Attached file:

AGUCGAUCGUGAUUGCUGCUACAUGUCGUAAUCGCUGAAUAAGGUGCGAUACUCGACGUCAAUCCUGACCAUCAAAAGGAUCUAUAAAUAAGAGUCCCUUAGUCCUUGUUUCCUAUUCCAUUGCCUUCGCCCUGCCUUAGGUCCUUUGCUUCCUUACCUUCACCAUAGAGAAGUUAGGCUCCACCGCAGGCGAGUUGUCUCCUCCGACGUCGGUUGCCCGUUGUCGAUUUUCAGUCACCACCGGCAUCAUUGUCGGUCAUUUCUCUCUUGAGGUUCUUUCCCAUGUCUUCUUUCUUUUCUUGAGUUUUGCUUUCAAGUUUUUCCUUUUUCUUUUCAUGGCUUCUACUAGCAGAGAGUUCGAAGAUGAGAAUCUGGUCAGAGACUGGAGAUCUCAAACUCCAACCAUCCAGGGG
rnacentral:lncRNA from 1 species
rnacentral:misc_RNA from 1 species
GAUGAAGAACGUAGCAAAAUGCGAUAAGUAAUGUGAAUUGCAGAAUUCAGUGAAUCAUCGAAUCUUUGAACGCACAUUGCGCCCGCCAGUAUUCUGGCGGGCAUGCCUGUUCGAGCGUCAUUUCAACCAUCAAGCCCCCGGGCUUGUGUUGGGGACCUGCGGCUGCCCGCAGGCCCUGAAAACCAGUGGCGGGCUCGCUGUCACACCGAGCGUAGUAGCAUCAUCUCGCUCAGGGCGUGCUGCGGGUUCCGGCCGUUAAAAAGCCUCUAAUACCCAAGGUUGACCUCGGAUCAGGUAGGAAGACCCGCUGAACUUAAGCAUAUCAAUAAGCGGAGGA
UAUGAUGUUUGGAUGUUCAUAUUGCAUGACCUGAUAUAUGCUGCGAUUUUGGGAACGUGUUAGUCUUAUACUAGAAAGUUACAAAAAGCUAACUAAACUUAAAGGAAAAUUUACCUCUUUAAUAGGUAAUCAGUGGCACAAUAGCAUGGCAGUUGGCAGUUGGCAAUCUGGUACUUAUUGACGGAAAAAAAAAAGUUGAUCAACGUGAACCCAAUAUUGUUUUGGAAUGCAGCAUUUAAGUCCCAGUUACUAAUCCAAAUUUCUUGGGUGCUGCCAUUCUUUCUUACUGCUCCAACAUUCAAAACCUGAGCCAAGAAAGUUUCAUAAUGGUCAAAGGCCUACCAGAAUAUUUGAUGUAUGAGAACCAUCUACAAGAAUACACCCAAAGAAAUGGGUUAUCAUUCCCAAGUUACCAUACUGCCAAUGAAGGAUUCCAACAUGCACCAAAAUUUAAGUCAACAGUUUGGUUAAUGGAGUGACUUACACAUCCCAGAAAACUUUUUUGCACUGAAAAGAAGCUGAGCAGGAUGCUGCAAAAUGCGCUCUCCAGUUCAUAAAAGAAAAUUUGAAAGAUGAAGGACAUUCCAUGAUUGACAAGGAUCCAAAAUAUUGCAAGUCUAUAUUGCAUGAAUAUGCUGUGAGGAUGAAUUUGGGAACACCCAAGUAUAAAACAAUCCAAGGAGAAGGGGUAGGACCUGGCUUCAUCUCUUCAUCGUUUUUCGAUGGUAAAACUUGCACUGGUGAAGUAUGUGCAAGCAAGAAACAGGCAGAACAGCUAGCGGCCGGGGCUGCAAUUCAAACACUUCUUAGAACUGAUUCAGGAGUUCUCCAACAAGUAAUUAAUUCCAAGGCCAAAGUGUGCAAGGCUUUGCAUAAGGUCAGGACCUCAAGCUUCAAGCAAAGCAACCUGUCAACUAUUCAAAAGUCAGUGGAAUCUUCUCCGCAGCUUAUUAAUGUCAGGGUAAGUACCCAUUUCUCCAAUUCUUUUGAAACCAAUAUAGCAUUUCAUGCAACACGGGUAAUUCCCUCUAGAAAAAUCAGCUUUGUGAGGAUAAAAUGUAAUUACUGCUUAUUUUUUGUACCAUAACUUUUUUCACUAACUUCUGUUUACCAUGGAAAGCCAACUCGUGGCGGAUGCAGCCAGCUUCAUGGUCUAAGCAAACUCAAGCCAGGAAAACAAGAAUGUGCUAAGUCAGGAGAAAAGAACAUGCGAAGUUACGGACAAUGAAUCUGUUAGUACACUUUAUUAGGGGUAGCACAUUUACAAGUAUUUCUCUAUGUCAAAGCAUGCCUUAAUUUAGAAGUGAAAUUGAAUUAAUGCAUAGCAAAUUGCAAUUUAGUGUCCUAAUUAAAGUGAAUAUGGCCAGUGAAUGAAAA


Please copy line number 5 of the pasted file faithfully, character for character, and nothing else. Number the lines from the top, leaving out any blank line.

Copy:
UAUGAUGUUUGGAUGUUCAUAUUGCAUGACCUGAUAUAUGCUGCGAUUUUGGGAACGUGUUAGUCUUAUACUAGAAAGUUACAAAAAGCUAACUAAACUUAAAGGAAAAUUUACCUCUUUAAUAGGUAAUCAGUGGCACAAUAGCAUGGCAGUUGGCAGUUGGCAAUCUGGUACUUAUUGACGGAAAAAAAAAAGUUGAUCAACGUGAACCCAAUAUUGUUUUGGAAUGCAGCAUUUAAGUCCCAGUUACUAAUCCAAAUUUCUUGGGUGCUGCCAUUCUUUCUUACUGCUCCAACAUUCAAAACCUGAGCCAAGAAAGUUUCAUAAUGGUCAAAGGCCUACCAGAAUAUUUGAUGUAUGAGAACCAUCUACAAGAAUACACCCAAAGAAAUGGGUUAUCAUUCCCAAGUUACCAUACUGCCAAUGAAGGAUUCCAACAUGCACCAAAAUUUAAGUCAACAGUUUGGUUAAUGGAGUGACUUACACAUCCCAGAAAACUUUUUUGCACUGAAAAGAAGCUGAGCAGGAUGCUGCAAAAUGCGCUCUCCAGUUCAUAAAAGAAAAUUUGAAAGAUGAAGGACAUUCCAUGAUUGACAAGGAUCCAAAAUAUUGCAAGUCUAUAUUGCAUGAAUAUGCUGUGAGGAUGAAUUUGGGAACACCCAAGUAUAAAACAAUCCAAGGAGAAGGGGUAGGACCUGGCUUCAUCUCUUCAUCGUUUUUCGAUGGUAAAACUUGCACUGGUGAAGUAUGUGCAAGCAAGAAACAGGCAGAACAGCUAGCGGCCGGGGCUGCAAUUCAAACACUUCUUAGAACUGAUUCAGGAGUUCUCCAACAAGUAAUUAAUUCCAAGGCCAAAGUGUGCAAGGCUUUGCAUAAGGUCAGGACCUCAAGCUUCAAGCAAAGCAACCUGUCAACUAUUCAAAAGUCAGUGGAAUCUUCUCCGCAGCUUAUUAAUGUCAGGGUAAGUACCCAUUUCUCCAAUUCUUUUGAAACCAAUAUAGCAUUUCAUGCAACACGGGUAAUUCCCUCUAGAAAAAUCAGCUUUGUGAGGAUAAAAUGUAAUUACUGCUUAUUUUUUGUACCAUAACUUUUUUCACUAACUUCUGUUUACCAUGGAAAGCCAACUCGUGGCGGAUGCAGCCAGCUUCAUGGUCUAAGCAAACUCAAGCCAGGAAAACAAGAAUGUGCUAAGUCAGGAGAAAAGAACAUGCGAAGUUACGGACAAUGAAUCUGUUAGUACACUUUAUUAGGGGUAGCACAUUUACAAGUAUUUCUCUAUGUCAAAGCAUGCCUUAAUUUAGAAGUGAAAUUGAAUUAAUGCAUAGCAAAUUGCAAUUUAGUGUCCUAAUUAAAGUGAAUAUGGCCAGUGAAUGAAAA